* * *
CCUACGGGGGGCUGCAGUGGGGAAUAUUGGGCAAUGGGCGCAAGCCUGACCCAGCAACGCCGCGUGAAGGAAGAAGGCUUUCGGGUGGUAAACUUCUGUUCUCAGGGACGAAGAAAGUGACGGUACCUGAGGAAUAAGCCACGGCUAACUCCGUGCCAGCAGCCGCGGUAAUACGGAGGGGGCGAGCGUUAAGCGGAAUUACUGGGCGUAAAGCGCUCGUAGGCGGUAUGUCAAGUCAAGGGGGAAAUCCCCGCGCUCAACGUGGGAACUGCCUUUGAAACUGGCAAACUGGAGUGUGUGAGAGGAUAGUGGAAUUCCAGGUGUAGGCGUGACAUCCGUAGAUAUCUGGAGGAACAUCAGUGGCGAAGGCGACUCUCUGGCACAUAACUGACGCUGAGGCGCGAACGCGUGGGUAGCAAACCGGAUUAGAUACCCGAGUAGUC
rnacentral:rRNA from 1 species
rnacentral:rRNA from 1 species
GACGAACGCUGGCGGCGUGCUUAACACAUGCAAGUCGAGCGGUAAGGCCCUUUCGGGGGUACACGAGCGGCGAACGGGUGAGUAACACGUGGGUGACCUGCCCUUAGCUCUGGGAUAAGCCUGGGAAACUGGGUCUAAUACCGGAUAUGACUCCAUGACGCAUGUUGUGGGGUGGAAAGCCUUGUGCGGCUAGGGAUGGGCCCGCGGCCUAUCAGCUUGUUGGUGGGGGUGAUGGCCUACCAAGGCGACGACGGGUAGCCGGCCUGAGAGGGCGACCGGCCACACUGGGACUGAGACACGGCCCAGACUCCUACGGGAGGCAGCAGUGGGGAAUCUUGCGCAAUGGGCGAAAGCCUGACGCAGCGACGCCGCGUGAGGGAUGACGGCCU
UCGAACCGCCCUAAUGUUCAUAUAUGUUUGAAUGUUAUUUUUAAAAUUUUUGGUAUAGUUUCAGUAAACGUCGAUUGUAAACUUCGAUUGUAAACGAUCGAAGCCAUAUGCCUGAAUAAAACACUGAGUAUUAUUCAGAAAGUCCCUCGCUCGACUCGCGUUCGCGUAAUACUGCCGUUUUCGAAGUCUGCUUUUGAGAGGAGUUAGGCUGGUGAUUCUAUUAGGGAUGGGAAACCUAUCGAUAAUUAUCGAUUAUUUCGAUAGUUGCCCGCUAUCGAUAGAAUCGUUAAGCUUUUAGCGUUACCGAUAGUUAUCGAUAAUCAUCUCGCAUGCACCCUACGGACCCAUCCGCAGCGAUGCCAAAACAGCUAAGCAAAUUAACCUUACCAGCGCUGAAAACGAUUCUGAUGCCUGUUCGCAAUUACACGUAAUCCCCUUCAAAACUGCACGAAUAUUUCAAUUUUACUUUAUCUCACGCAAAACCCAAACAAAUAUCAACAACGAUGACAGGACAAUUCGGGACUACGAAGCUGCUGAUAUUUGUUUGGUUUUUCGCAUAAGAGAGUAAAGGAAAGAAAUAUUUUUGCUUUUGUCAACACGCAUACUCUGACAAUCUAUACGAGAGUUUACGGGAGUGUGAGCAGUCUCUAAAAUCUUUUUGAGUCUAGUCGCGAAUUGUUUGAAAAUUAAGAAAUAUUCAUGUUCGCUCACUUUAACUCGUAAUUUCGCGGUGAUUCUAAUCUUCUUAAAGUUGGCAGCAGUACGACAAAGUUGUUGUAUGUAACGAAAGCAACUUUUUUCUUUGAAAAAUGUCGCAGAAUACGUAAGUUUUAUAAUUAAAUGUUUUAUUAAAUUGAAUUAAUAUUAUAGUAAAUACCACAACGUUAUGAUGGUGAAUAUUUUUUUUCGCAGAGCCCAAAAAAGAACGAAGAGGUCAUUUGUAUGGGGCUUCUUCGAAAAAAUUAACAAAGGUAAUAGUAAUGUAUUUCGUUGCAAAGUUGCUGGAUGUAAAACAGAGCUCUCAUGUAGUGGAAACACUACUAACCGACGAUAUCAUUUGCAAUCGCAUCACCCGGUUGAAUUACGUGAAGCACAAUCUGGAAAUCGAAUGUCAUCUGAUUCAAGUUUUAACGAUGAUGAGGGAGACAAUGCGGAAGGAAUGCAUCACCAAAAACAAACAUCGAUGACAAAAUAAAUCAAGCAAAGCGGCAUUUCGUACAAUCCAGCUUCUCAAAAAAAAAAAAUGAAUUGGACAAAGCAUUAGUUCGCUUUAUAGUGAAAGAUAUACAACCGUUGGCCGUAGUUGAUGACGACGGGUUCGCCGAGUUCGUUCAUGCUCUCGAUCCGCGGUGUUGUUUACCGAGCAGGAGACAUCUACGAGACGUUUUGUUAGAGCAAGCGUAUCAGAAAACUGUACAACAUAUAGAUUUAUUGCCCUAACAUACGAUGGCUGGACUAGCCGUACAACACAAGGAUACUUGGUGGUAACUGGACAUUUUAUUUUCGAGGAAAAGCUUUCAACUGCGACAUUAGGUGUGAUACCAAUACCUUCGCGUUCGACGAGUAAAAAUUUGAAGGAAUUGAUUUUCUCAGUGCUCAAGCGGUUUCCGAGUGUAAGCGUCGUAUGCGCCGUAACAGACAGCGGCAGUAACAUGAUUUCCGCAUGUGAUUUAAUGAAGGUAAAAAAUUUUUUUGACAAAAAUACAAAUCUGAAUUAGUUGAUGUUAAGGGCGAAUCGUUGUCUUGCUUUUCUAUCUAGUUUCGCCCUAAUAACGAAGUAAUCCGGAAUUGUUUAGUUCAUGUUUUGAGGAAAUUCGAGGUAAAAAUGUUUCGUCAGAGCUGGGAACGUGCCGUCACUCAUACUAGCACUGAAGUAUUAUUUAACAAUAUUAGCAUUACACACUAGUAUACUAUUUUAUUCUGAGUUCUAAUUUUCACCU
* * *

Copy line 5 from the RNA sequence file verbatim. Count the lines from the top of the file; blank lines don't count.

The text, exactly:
UCGAACCGCCCUAAUGUUCAUAUAUGUUUGAAUGUUAUUUUUAAAAUUUUUGGUAUAGUUUCAGUAAACGUCGAUUGUAAACUUCGAUUGUAAACGAUCGAAGCCAUAUGCCUGAAUAAAACACUGAGUAUUAUUCAGAAAGUCCCUCGCUCGACUCGCGUUCGCGUAAUACUGCCGUUUUCGAAGUCUGCUUUUGAGAGGAGUUAGGCUGGUGAUUCUAUUAGGGAUGGGAAACCUAUCGAUAAUUAUCGAUUAUUUCGAUAGUUGCCCGCUAUCGAUAGAAUCGUUAAGCUUUUAGCGUUACCGAUAGUUAUCGAUAAUCAUCUCGCAUGCACCCUACGGACCCAUCCGCAGCGAUGCCAAAACAGCUAAGCAAAUUAACCUUACCAGCGCUGAAAACGAUUCUGAUGCCUGUUCGCAAUUACACGUAAUCCCCUUCAAAACUGCACGAAUAUUUCAAUUUUACUUUAUCUCACGCAAAACCCAAACAAAUAUCAACAACGAUGACAGGACAAUUCGGGACUACGAAGCUGCUGAUAUUUGUUUGGUUUUUCGCAUAAGAGAGUAAAGGAAAGAAAUAUUUUUGCUUUUGUCAACACGCAUACUCUGACAAUCUAUACGAGAGUUUACGGGAGUGUGAGCAGUCUCUAAAAUCUUUUUGAGUCUAGUCGCGAAUUGUUUGAAAAUUAAGAAAUAUUCAUGUUCGCUCACUUUAACUCGUAAUUUCGCGGUGAUUCUAAUCUUCUUAAAGUUGGCAGCAGUACGACAAAGUUGUUGUAUGUAACGAAAGCAACUUUUUUCUUUGAAAAAUGUCGCAGAAUACGUAAGUUUUAUAAUUAAAUGUUUUAUUAAAUUGAAUUAAUAUUAUAGUAAAUACCACAACGUUAUGAUGGUGAAUAUUUUUUUUCGCAGAGCCCAAAAAAGAACGAAGAGGUCAUUUGUAUGGGGCUUCUUCGAAAAAAUUAACAAAGGUAAUAGUAAUGUAUUUCGUUGCAAAGUUGCUGGAUGUAAAACAGAGCUCUCAUGUAGUGGAAACACUACUAACCGACGAUAUCAUUUGCAAUCGCAUCACCCGGUUGAAUUACGUGAAGCACAAUCUGGAAAUCGAAUGUCAUCUGAUUCAAGUUUUAACGAUGAUGAGGGAGACAAUGCGGAAGGAAUGCAUCACCAAAAACAAACAUCGAUGACAAAAUAAAUCAAGCAAAGCGGCAUUUCGUACAAUCCAGCUUCUCAAAAAAAAAAAAUGAAUUGGACAAAGCAUUAGUUCGCUUUAUAGUGAAAGAUAUACAACCGUUGGCCGUAGUUGAUGACGACGGGUUCGCCGAGUUCGUUCAUGCUCUCGAUCCGCGGUGUUGUUUACCGAGCAGGAGACAUCUACGAGACGUUUUGUUAGAGCAAGCGUAUCAGAAAACUGUACAACAUAUAGAUUUAUUGCCCUAACAUACGAUGGCUGGACUAGCCGUACAACACAAGGAUACUUGGUGGUAACUGGACAUUUUAUUUUCGAGGAAAAGCUUUCAACUGCGACAUUAGGUGUGAUACCAAUACCUUCGCGUUCGACGAGUAAAAAUUUGAAGGAAUUGAUUUUCUCAGUGCUCAAGCGGUUUCCGAGUGUAAGCGUCGUAUGCGCCGUAACAGACAGCGGCAGUAACAUGAUUUCCGCAUGUGAUUUAAUGAAGGUAAAAAAUUUUUUUGACAAAAAUACAAAUCUGAAUUAGUUGAUGUUAAGGGCGAAUCGUUGUCUUGCUUUUCUAUCUAGUUUCGCCCUAAUAACGAAGUAAUCCGGAAUUGUUUAGUUCAUGUUUUGAGGAAAUUCGAGGUAAAAAUGUUUCGUCAGAGCUGGGAACGUGCCGUCACUCAUACUAGCACUGAAGUAUUAUUUAACAAUAUUAGCAUUACACACUAGUAUACUAUUUUAUUCUGAGUUCUAAUUUUCACCU